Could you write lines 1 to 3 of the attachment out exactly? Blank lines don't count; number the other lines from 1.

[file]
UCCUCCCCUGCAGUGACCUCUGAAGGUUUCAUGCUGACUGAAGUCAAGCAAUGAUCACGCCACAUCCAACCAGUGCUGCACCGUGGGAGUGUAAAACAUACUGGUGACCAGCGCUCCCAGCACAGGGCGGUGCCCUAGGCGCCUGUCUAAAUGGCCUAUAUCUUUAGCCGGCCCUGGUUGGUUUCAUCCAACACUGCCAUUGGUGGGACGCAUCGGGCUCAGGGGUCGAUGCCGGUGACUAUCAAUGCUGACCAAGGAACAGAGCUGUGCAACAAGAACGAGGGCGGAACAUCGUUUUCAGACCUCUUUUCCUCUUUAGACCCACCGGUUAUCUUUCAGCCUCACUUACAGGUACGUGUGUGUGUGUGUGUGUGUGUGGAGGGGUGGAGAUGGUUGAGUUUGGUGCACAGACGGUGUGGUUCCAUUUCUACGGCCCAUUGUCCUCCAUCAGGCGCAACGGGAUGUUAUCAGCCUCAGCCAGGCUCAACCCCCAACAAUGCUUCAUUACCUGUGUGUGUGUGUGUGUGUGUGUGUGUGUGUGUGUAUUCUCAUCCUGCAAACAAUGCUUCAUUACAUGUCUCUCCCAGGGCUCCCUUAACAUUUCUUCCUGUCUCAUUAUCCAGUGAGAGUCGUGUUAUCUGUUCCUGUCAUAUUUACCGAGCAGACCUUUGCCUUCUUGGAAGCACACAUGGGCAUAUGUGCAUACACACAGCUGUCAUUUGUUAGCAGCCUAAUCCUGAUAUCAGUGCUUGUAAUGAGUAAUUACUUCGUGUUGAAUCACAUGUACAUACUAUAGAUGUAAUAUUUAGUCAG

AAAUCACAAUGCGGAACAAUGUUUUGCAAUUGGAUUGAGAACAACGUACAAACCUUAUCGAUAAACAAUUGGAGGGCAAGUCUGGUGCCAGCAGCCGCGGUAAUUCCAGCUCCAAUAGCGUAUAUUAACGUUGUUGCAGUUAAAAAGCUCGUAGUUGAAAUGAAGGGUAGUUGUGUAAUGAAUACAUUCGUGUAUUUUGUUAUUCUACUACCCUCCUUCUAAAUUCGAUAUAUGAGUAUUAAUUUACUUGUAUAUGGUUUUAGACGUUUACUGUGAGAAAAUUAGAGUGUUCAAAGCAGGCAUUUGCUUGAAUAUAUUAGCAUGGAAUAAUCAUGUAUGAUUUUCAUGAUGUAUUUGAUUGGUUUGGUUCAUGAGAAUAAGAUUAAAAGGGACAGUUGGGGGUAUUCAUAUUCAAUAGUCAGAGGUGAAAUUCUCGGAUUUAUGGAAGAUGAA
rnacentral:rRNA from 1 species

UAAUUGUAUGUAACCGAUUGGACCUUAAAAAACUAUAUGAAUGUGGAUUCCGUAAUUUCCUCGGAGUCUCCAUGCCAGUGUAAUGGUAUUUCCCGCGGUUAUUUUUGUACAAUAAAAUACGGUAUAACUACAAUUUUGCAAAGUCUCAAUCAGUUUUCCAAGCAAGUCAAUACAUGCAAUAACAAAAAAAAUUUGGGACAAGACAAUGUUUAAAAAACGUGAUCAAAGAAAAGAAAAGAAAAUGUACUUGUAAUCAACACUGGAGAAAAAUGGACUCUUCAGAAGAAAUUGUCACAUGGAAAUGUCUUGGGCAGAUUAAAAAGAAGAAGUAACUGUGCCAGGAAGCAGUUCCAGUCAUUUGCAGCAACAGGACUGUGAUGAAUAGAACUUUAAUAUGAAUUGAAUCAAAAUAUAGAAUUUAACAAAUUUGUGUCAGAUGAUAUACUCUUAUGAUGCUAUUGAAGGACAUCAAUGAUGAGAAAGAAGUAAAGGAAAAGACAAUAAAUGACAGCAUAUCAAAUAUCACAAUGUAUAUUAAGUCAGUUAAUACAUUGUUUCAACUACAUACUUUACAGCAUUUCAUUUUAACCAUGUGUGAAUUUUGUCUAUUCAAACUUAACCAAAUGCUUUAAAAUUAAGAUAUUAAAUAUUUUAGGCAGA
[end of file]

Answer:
UCCUCCCCUGCAGUGACCUCUGAAGGUUUCAUGCUGACUGAAGUCAAGCAAUGAUCACGCCACAUCCAACCAGUGCUGCACCGUGGGAGUGUAAAACAUACUGGUGACCAGCGCUCCCAGCACAGGGCGGUGCCCUAGGCGCCUGUCUAAAUGGCCUAUAUCUUUAGCCGGCCCUGGUUGGUUUCAUCCAACACUGCCAUUGGUGGGACGCAUCGGGCUCAGGGGUCGAUGCCGGUGACUAUCAAUGCUGACCAAGGAACAGAGCUGUGCAACAAGAACGAGGGCGGAACAUCGUUUUCAGACCUCUUUUCCUCUUUAGACCCACCGGUUAUCUUUCAGCCUCACUUACAGGUACGUGUGUGUGUGUGUGUGUGUGUGGAGGGGUGGAGAUGGUUGAGUUUGGUGCACAGACGGUGUGGUUCCAUUUCUACGGCCCAUUGUCCUCCAUCAGGCGCAACGGGAUGUUAUCAGCCUCAGCCAGGCUCAACCCCCAACAAUGCUUCAUUACCUGUGUGUGUGUGUGUGUGUGUGUGUGUGUGUGUGUAUUCUCAUCCUGCAAACAAUGCUUCAUUACAUGUCUCUCCCAGGGCUCCCUUAACAUUUCUUCCUGUCUCAUUAUCCAGUGAGAGUCGUGUUAUCUGUUCCUGUCAUAUUUACCGAGCAGACCUUUGCCUUCUUGGAAGCACACAUGGGCAUAUGUGCAUACACACAGCUGUCAUUUGUUAGCAGCCUAAUCCUGAUAUCAGUGCUUGUAAUGAGUAAUUACUUCGUGUUGAAUCACAUGUACAUACUAUAGAUGUAAUAUUUAGUCAG

AAAUCACAAUGCGGAACAAUGUUUUGCAAUUGGAUUGAGAACAACGUACAAACCUUAUCGAUAAACAAUUGGAGGGCAAGUCUGGUGCCAGCAGCCGCGGUAAUUCCAGCUCCAAUAGCGUAUAUUAACGUUGUUGCAGUUAAAAAGCUCGUAGUUGAAAUGAAGGGUAGUUGUGUAAUGAAUACAUUCGUGUAUUUUGUUAUUCUACUACCCUCCUUCUAAAUUCGAUAUAUGAGUAUUAAUUUACUUGUAUAUGGUUUUAGACGUUUACUGUGAGAAAAUUAGAGUGUUCAAAGCAGGCAUUUGCUUGAAUAUAUUAGCAUGGAAUAAUCAUGUAUGAUUUUCAUGAUGUAUUUGAUUGGUUUGGUUCAUGAGAAUAAGAUUAAAAGGGACAGUUGGGGGUAUUCAUAUUCAAUAGUCAGAGGUGAAAUUCUCGGAUUUAUGGAAGAUGAA
rnacentral:rRNA from 1 species